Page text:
The first Oscars ceremony was held on May 16, 1929, at the Hollywood Roosevelt Hotel. It lasted only 15 minutes, and there were only 270 guests in attendance. Tickets for the event cost $5 each, and the Academy had notified the winners three months prior to the ceremony.
The history of the Academy Awards
The Academy Awards Ceremony, also known as the Oscars, is an annual event that honors the best in the film industry. Today, it’s a grand gala that draws millions of viewers from around the world, but the first Academy Awards Ceremony was far less grand.
The idea for the Academy Awards was first proposed in 1927 by Louis B. Mayer, the head of Metro-Goldwyn-Mayer (MGM). Mayer wanted to create an awards ceremony that would generate positive publicity for Hollywood. He approached several prominent figures in the industry, including Mary Pickford, Douglas Fairbanks, and Cecil B. DeMille, to help him organize the event.
The first Academy Awards ceremony was held on May 16, 1929, at a private dinner party in the Blossom Room of the Hollywood Roosevelt Hotel. Only 270 people were present, and the ceremony lasted only 15 minutes.
However, despite its modest beginnings, the first Oscars marked the birth of one of Hollywood’s great extravaganzas.
The first Oscars ceremony
The first Academy Awards ceremony honored outstanding achievements in filmmaking during the 1927-1928 season. The newly-formed Academy of Motion Picture Arts and Sciences chose the winners.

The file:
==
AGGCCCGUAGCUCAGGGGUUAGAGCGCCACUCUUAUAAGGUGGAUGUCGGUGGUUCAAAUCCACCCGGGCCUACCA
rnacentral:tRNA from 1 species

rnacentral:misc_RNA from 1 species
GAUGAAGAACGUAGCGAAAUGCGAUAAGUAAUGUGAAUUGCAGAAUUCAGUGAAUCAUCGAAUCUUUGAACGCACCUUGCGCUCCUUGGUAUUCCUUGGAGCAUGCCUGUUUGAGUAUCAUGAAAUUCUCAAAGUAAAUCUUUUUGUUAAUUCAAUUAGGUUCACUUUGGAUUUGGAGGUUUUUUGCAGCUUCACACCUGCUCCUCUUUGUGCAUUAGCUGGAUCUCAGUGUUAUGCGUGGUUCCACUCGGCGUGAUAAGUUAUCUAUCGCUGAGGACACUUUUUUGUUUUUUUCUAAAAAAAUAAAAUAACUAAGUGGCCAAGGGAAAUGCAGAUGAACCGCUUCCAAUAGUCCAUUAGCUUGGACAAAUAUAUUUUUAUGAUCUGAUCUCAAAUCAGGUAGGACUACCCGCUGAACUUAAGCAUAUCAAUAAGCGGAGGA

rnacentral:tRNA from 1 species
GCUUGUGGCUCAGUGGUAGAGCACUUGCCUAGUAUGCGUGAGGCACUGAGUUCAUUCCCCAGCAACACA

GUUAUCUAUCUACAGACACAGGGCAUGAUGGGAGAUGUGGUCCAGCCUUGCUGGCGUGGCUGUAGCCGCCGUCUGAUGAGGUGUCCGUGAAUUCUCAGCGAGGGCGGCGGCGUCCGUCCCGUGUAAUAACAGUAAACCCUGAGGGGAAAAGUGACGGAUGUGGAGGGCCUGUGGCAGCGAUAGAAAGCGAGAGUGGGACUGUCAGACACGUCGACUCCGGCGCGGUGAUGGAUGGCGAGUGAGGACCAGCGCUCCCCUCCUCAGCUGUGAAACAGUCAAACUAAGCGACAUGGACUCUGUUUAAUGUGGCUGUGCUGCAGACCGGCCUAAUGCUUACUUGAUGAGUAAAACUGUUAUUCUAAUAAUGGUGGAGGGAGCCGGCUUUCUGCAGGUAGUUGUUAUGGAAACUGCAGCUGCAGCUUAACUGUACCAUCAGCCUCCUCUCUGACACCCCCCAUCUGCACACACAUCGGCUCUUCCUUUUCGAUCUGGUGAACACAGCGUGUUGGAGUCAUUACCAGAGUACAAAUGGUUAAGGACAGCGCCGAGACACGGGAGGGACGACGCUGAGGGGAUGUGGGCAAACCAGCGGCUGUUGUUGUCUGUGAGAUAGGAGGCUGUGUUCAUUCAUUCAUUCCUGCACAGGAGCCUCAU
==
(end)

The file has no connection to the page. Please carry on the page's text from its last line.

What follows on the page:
The winners were announced in a matter-of-fact way without the fanfare and spectacle of today’s ceremonies.
In fact, the winners had been notified ahead of time – 3 months earlier. However, the Academy asked them to keep the information a secret until the night of the event to add some suspense.
The ceremony was not broadcast on television or radio. There were 12 categories of awards at the first ceremony, including Best Picture, Best Actor, Best Actress, Best Director, and Best Original Story.
The winners of the first Oscars included:
- Emil Jannings for Best Actor
- Janet Gaynor for Best Actress
- “Wings” for Best Picture
“Wings” was a silent film about World War I fighter pilots. Audiences and critics praised the film’s impressive aerial battle scenes for their realism. As a result, the film was a commercial and critical success. It even helped to establish Hollywood as the center of the film industry.
From the red carpet arrivals to the emotional acceptance speeches, the Oscars have become an integral part of popular culture. With each passing year, the ceremony becomes more innovative. To this day, the Academy adds new technology and creative ideas to make the event more entertaining.